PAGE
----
Spanish police on Wednesday arrested a 74-year-old man suspected of sending parcel-bombs in November and December to targets including the Ukrainian and US embassies and the prime minister’s office, the interior ministry said.
The man was detained in the northern town of Miranda de Ebro, and police searched his home.
The suspect is a retired Spanish citizen with the initials P.G.P. who is tech-savvy and very active on social networks, the ministry said.
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“Although it is presumed that the detainee made and sent the explosive devices by himself, police do not rule out the participation or influence of other persons in the events,” it added in a statement.
Interior Minister Fernando Grande-Marlaska declined to comment on reports that a Russian group could be behind the attacks.
“We are working on all possibilities,” Grande-Marlaska told reporters from Vitoria. “The investigation is very advanced and we can really be very satisfied.”
Armed officers kept people away the low-rise cinder-block building housing the man’s third-floor apartment in a blue-collar neighborhood.
A video provided by the interior ministry showed officers and a sniffer dog searching a silver Peugeot car parked outside as forensic specialists took photographs. Police also appeared to gain access to a lock-up garage.
Witnesses said the suspect remained inside the house as the searches were conducted.
The man used to work for the town hall of the Basque capital Vitoria-Gasteiz before retiring in 2013, a city spokesperson said. Miranda de Ebro is 35 kilometers (22 miles) southeast of Vitoria.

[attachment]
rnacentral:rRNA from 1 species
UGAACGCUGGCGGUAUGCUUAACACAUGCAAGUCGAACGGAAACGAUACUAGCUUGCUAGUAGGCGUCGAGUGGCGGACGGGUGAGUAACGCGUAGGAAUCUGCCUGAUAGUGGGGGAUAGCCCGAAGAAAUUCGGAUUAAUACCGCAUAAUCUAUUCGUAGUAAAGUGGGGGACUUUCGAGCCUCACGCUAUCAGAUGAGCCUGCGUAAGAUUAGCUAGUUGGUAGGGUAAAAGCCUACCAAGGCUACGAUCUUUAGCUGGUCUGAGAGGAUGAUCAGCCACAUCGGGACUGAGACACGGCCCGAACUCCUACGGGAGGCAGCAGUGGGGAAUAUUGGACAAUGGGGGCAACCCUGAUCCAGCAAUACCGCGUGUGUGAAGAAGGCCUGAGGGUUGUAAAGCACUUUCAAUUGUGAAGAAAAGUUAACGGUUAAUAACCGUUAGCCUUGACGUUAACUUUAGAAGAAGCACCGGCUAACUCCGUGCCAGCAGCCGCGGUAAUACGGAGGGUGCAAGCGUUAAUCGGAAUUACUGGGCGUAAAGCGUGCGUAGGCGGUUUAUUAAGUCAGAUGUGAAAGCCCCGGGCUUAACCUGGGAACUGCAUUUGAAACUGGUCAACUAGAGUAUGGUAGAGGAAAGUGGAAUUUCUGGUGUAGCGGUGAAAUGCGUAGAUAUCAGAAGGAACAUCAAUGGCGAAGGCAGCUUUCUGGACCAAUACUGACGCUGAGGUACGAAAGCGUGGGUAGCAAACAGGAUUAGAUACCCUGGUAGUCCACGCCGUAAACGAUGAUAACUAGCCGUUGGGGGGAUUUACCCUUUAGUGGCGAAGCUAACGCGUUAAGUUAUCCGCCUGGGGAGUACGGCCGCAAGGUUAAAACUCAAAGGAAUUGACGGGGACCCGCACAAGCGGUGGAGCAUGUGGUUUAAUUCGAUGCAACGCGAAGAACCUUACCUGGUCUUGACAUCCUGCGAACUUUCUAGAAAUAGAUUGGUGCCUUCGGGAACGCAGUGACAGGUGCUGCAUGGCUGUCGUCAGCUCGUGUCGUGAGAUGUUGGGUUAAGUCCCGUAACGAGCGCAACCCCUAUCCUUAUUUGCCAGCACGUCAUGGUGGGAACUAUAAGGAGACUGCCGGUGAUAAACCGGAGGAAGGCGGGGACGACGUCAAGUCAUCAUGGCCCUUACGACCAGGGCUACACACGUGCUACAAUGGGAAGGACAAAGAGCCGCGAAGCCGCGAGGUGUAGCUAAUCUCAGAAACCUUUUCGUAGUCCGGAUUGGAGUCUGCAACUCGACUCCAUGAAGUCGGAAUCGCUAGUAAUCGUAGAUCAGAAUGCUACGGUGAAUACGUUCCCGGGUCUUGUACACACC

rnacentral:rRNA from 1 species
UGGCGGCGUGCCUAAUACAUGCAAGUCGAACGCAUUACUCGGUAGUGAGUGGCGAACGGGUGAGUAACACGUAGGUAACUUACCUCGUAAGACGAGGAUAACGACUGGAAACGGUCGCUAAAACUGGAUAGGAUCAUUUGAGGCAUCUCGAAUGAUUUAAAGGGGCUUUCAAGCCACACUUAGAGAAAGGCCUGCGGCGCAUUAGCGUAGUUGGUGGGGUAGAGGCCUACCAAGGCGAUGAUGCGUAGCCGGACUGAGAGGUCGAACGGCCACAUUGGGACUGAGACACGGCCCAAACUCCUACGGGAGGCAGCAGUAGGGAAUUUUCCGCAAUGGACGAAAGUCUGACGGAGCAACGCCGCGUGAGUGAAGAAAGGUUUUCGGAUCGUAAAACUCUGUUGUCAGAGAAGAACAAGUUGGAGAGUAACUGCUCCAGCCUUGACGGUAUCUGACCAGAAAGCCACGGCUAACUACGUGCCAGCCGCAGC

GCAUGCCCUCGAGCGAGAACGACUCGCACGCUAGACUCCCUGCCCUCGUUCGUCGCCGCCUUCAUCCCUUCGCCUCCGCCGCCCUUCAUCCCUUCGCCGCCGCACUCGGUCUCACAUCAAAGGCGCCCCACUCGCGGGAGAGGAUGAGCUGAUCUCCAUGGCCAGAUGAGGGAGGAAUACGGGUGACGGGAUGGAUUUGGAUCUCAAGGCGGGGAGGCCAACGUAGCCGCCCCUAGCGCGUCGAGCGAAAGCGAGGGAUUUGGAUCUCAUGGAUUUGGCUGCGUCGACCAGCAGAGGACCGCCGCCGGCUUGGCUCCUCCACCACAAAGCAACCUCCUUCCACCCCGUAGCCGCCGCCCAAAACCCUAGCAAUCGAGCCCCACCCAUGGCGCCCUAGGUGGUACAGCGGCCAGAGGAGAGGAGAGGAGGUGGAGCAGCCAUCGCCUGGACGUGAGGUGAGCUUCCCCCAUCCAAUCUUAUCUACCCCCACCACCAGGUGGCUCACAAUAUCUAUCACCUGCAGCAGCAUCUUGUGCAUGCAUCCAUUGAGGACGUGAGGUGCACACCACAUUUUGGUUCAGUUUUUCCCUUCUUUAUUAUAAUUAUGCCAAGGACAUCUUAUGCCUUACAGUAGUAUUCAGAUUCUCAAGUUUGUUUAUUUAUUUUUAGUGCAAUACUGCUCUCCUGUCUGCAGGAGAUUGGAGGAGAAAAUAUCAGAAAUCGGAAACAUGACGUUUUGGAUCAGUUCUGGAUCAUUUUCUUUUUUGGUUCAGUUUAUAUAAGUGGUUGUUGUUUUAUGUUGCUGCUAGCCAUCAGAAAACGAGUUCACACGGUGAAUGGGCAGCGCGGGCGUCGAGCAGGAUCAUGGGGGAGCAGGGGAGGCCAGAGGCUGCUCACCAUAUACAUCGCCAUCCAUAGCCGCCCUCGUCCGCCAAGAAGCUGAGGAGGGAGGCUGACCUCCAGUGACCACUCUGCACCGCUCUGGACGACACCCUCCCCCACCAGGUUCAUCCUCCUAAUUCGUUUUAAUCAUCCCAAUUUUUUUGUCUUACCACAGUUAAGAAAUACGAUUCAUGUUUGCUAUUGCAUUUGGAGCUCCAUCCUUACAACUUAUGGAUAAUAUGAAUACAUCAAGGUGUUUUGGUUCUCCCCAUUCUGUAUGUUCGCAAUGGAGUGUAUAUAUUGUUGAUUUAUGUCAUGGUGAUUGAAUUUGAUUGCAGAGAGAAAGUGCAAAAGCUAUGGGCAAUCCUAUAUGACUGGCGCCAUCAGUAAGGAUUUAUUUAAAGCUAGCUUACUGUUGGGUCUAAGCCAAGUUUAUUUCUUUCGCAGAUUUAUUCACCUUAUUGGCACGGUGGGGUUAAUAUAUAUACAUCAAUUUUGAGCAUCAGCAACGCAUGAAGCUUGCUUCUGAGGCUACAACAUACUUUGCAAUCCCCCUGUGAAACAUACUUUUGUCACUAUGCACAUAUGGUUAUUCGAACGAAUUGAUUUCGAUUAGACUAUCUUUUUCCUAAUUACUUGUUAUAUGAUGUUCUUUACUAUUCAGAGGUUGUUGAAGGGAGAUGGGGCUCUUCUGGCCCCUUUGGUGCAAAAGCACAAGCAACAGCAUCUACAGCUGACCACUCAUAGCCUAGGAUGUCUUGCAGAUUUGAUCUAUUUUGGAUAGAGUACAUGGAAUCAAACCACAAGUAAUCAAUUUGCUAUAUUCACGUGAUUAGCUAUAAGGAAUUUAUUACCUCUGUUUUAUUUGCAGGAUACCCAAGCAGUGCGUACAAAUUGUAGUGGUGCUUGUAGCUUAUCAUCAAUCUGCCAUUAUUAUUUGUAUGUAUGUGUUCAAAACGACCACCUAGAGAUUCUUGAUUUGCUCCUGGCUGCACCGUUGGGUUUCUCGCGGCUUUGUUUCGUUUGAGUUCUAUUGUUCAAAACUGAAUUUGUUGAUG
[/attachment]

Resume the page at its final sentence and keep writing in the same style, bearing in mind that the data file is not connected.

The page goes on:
A total of six parcels with explosives were sent between November 24 and December 2. In addition to the two embassies and Prime Minister Pedro Sanchez’s office, they were addressed to the defense ministry, an air force base and a weapons manufacturer.
Most were defused, although an employee at the Ukrainian embassy was slightly injured when one ignited.
Investigators have concluded that all six parcels were sent from the city of Burgos, the ministry said.
A source close to the inquiry had told Reuters in early December that all the parcels had been mailed from Valladolid, a two-hour drive from Miranda del Ebro.
The New York Times reported on Sunday that investigators had focused on the Russian Imperial Movement, a group with ties to Spanish far-right organizations that was believed to be linked to Russian intelligence.
Spanish officials have declined to comment on the report, while a senior judicial source denied having knowledge of such a line of investigation.
The suspect is due to appear before the High Court on Friday, a court source said.